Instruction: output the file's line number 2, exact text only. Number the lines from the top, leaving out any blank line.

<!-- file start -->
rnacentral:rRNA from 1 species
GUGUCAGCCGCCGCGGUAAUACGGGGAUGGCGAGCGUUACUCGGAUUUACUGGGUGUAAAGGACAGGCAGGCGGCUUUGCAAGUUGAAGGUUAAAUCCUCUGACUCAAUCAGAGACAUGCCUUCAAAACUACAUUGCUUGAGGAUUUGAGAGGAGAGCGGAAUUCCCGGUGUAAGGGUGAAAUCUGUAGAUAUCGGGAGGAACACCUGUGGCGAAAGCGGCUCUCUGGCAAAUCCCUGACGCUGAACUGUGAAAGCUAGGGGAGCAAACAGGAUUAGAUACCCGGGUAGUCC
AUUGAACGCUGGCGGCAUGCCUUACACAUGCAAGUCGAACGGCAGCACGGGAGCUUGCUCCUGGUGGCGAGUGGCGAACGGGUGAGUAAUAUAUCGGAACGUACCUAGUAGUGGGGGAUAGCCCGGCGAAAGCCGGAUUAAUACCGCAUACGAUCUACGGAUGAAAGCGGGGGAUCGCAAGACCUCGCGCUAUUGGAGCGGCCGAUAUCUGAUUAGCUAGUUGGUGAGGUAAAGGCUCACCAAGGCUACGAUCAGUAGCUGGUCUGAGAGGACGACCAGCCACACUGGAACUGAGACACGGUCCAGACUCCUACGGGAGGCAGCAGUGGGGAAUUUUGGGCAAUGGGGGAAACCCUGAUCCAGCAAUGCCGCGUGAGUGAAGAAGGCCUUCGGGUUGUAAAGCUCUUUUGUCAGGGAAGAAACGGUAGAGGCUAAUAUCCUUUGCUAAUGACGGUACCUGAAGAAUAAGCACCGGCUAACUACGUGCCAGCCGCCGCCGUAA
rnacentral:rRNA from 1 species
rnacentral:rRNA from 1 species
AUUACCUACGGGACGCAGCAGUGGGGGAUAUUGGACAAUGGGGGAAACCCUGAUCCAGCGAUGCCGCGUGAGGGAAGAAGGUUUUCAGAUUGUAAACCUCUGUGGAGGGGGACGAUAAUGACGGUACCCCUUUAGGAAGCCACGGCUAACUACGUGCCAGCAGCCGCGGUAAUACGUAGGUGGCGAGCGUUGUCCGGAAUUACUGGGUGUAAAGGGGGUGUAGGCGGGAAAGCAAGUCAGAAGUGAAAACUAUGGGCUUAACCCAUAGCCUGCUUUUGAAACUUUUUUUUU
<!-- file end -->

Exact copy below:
GUGUCAGCCGCCGCGGUAAUACGGGGAUGGCGAGCGUUACUCGGAUUUACUGGGUGUAAAGGACAGGCAGGCGGCUUUGCAAGUUGAAGGUUAAAUCCUCUGACUCAAUCAGAGACAUGCCUUCAAAACUACAUUGCUUGAGGAUUUGAGAGGAGAGCGGAAUUCCCGGUGUAAGGGUGAAAUCUGUAGAUAUCGGGAGGAACACCUGUGGCGAAAGCGGCUCUCUGGCAAAUCCCUGACGCUGAACUGUGAAAGCUAGGGGAGCAAACAGGAUUAGAUACCCGGGUAGUCC